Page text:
How to control politicians and their exercise of political power


Aristotle writes at his work “Politics”:

and they (state officials) will govern righteously by being held accountable for their actions by others than themselves. Thus, it is beneficial to the state to be in a state of suspense and not being able to do everything as it seems good to one, for the power to do whatever one likes cannot guard against the evil that is in every man’s character”.

καὶ ἄρξουσι δικαίως διὰ τὸ τῶν εὐθυνῶν εἶναι κυρίους ἑτέρους. τὸ γὰρ ἐπανακρέμασθαι, καὶ μὴ πᾶν ἐξεῖναι ποιεῖν τι ἂν δόξῃ, συμφέρον ἐστίν: γὰρ ἐξουσία [40] τοῦ πράττειν τι ἂν ἐθέλῃ τις οὐ δύναται φυλάττειν τὸ ἐν ἑκάστῳ τῶν ἀνθρώπων φαῦλον», Aristotle, Politics 1318b 38-41]

When it comes down to ensuring that political power is exercised for the common good of the people and not of those who hold the offices of state, there is one particular practice that sticks out from the rest. This practice is to ensure that all State officials are held accountable for their actions during their term in office. This is what can make the difference between just and unjust politics, good and bad governance.

According to the legal definition of the term,

“Political accountability refers to the responsibility or obligation of government officials to act in the best interests of society or face consequences. Public officials should be held responsible for their actions”.

The term “consequences” in this case can only have the meaning of some sort of punishment. Thus political accountability is intrinsically associated with the punishment of those officials who govern against the best interests of society.

However, this alone is not enough to secure the exercise of power for the common good, because the ruling classes can always attempt to manipulate the way in which political accountability is performed to their advantage. To this end there may be an exclusion of some serious political crimes from the auditing processes or the overall auditing jurisdiction may be attributed to members of the political class (members of government or parliament) to avoid punishment. In this second case, if the deceipt behind been scrutinised for political crimes by fellow political criminals becomes too obvious, then it will somehow have to be covered. The most often soltution in this case is handing matters over to the judiciary; politicians are then been held accountable for their actions by judges who have either been appointed by them or by fellow politicians before them, securing absolution of their crimes or a minor punishment at the worst case scenario.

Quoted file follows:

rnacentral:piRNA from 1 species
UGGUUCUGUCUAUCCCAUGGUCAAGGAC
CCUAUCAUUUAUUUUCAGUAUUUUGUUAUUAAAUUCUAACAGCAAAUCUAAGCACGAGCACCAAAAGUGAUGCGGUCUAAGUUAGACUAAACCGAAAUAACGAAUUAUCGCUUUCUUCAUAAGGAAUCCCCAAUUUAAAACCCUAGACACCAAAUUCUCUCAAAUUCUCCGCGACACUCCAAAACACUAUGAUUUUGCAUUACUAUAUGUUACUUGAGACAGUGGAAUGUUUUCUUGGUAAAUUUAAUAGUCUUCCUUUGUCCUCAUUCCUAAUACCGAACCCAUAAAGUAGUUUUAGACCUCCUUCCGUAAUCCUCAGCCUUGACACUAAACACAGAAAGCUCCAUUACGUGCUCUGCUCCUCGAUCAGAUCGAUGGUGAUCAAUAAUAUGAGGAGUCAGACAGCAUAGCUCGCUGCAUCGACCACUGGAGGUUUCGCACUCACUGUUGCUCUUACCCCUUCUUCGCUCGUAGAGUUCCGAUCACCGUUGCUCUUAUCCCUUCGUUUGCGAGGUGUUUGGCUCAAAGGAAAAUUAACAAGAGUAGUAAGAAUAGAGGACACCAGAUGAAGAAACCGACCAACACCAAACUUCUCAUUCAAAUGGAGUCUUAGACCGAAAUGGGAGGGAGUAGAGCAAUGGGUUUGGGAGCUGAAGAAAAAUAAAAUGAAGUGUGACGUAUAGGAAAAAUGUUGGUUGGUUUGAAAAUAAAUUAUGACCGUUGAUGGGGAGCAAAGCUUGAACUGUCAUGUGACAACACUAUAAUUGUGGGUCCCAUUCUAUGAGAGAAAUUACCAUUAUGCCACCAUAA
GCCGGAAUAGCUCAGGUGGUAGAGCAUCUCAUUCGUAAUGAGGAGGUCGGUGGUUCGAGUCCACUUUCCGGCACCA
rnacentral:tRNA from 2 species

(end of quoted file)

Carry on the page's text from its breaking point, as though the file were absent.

Therefore, what this teaches us and certainly taught Aristotle, is that in order for political accountability to work there is one tiny but extremely important condition; those to whom officials give accounts for their actions must not in any form relate to the political class or to those whom they are expected to audit.

The auditors who examine whether government officials execrised their power justly for the common good or injustly for their own gain, must be independent from politicians. They cannot be members of government or parliament nor can they be members of the judiciary who have been appointed to their positions by the government officials who are under audit.

Thus these are the two necessary steps to ensure that government and other state officials will do the right thing in politics (for more on that see my book “How to make your Government do the Right Thing” ).

First – Ensure there is a practical and efficient process of holding state officials accountable for their actions

Second – Ensure that the audits of state officials are not performed by individuals of the political class but by independent individuals  who are in no way related to the people they are auditing and have not got any sort of direct or indirect bonds and ties with them.

Aristotle then goes on to explain the reason why political accountability is so important. He says that it is to the best interest of the city to put state officials in a state of uncertainty regarding their performance and whether they will be punished for their actions or not, because allowing them the power to do what they want without control will leave them forever defenseless against the innate wickedness that lives within every man.

There you have it then. All State officials must be checked and examined for their performance during their service and be punished for any actions that have not been to the best interests of the people.

When doing that, however, the State must be careful to not attribute the jurisdiction of auditing its officials to institutions or individuals who by nature or by personal interest are likely to exonerate the actions that have opposed the common good of the people.

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